2. LOP operations are a bit challenging right now.  As I mentioned I use engine noise to help me in many phases of flight.  LOP is one of those areas.  I usually lean until I hear the engine start to slow (lower RPM) but now the RPM remains constant and the power drops off.  I have to pay close attention to EGT’s now while leaning.  Along those lines I still need to figure out where best economy is as well as best power.  That will take some time.
    3. Nose is slightly heavier now so I can’t keep the nose wheel off the runway as long on my landing roll-out.  This could be partly due to the fact that this prop slows down so quickly.
    4. The recommended 2 ¼” prop extension that allows this prop to be attached to my engine with a James cowl is too long.  With my previous extension I had about ¼” of space between the spinner and the fwd edge of the cowling.  Now that gap is ¾” or slightly more.  I emailed Sam Tillman at SaberMFG to see if he has a shorter extension.
    5. My prop is the wrong color.    I ordered a white prop with blue crescent stripes to match my color scheme.  The prop I got is black with white stripes.  Its beautiful but doesn’t quite match.  Black and white go with everything so worst case scenario its not a big deal but its not what I ordered.
    6. Torquing the prop on was a bugger.  I don’t have the “special” tool needed so I had to put together a combination of tools to get the job done.  I also needed another set of hands to hold the prop while I was torquing.  I’m going to break out the welder and make a tool to do the torquing since I’m sure I will have to remove the prop sooner or later…even if its only to replace the alternator belt.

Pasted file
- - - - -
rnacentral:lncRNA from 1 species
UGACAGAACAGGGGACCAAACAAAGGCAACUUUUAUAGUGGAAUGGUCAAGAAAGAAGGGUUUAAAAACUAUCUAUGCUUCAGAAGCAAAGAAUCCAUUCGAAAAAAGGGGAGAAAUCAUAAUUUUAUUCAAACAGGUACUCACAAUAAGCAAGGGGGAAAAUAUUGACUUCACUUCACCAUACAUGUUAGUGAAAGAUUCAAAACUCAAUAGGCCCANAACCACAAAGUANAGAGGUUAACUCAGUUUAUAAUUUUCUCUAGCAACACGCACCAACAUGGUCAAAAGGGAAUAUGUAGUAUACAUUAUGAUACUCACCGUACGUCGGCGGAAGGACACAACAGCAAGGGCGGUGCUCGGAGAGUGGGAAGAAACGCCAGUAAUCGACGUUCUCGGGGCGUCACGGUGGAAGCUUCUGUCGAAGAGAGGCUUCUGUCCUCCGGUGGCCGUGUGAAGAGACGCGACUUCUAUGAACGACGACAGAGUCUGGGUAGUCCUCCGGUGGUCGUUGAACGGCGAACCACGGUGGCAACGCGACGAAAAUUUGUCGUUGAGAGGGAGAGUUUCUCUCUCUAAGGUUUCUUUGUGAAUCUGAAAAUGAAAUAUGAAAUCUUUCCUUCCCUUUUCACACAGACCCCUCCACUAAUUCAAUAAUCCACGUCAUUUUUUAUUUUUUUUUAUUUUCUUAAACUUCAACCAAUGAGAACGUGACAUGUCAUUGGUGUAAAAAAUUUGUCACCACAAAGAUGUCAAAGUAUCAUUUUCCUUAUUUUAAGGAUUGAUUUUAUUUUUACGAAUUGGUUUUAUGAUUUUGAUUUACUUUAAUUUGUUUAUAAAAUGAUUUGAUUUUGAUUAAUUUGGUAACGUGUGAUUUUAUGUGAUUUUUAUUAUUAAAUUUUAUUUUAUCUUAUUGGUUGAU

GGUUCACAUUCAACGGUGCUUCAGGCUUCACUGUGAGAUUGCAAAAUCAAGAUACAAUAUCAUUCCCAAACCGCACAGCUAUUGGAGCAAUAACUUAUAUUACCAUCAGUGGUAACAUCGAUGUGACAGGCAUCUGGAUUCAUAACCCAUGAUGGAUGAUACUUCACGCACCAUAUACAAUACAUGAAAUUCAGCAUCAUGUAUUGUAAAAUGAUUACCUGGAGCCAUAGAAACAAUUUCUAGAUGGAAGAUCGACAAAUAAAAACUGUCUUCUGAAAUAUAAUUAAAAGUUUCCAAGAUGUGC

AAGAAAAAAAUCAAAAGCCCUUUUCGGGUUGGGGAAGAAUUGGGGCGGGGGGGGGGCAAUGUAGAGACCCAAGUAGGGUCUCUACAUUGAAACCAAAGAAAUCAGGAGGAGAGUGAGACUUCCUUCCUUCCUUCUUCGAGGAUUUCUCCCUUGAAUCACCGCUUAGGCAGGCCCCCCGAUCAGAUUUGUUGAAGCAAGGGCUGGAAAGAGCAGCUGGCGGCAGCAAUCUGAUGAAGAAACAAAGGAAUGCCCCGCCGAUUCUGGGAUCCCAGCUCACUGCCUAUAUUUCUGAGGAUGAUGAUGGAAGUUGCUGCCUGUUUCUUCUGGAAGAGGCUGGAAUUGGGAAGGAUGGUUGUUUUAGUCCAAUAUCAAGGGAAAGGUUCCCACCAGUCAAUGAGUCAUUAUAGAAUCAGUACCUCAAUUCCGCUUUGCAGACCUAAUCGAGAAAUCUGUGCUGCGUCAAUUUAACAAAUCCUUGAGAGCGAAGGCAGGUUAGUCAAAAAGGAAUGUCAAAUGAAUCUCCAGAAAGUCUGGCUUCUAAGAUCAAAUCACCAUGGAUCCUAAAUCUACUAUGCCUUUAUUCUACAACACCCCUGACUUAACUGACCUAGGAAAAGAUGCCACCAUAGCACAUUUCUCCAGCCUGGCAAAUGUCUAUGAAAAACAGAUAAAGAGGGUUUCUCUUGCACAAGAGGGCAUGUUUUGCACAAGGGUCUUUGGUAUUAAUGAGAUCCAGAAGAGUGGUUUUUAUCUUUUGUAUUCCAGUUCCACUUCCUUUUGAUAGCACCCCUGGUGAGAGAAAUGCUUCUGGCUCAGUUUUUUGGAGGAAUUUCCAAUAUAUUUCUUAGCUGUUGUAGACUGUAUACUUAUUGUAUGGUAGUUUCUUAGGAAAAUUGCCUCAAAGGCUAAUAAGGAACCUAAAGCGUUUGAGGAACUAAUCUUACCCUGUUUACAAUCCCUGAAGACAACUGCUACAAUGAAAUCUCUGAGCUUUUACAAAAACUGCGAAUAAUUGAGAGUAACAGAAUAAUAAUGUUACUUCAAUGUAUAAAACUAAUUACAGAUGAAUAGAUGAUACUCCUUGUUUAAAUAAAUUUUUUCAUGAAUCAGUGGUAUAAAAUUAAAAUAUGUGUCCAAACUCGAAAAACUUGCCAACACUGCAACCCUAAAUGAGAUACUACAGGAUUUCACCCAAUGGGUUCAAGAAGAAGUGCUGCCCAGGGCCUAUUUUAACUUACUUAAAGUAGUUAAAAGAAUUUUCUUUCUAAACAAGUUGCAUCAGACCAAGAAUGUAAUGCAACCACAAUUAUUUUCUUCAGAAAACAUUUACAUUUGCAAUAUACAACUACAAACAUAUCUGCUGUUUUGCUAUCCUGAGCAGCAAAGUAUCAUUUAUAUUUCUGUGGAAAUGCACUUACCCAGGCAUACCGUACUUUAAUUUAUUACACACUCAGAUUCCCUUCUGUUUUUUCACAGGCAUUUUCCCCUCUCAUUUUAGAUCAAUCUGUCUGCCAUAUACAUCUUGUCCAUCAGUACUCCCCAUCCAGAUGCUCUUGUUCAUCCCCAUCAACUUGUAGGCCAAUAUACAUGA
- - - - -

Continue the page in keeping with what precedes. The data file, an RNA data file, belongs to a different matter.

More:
7. Speaking of alternator belts, since the prop was off I went ahead and replaced the belt.  I also took the time to do a few other housekeeping tasks such as riveting the nut-plates on my battery box.


And now some pictures....



This is looking down the crankshaft after I had removed the plug in the end that is used for fixed pitch props.  I found all kinds of gunked up oil residue so I started cleaning it out before I took this picture.  Looking at the very back of the crank opening you will see where I have to install a 1/4" npt plug in the hole so the oil will go forward to the prop.
And here is the same crank location after I had cleaned it up a bit and installed the plug.
This is the governor adapter mounting location on the accessory case.  I couldn't see in there so I took this picture to make sure it was all there.


Here is the next step with the governor adapter pad installed.



This is the top of the PCU 5000X governor with the Van's bracket installed.  I had to use a file to oblong the holes to make it fit properly.  Notice the small stop adjustment screws and the lock wire ... a bugger to get to once installed.


Another shot of the governor before I mounted it.



Flywheel in place ready for the Saber extension to be bolted on.


Governor installed but no cable yet.
Top down view of the governor with the cable installed
Another top down view.


Picking up the prop from the shipping company at 10PM on Friday night I noticed this damage to the box.  We opened up the box and there was no penetration so everything inside was in good condition.


Loaded up in the truck and ready to go home.
Prop, extension and associated hardware installed.  Ready for some first start testing.
Spinner installed.  Inlet rings removed. Protective covering removed.  Time for engine start.
First day of flying I did a few touch and goes.  Its amazing how short this pattern is compared to what I was used to with the fixed pitch prop.


And finally...out in the wild!  This picture is my airplane sitting with Ben's at Fall City Airpark.  Yes, its in my phase 1 circle.  :-)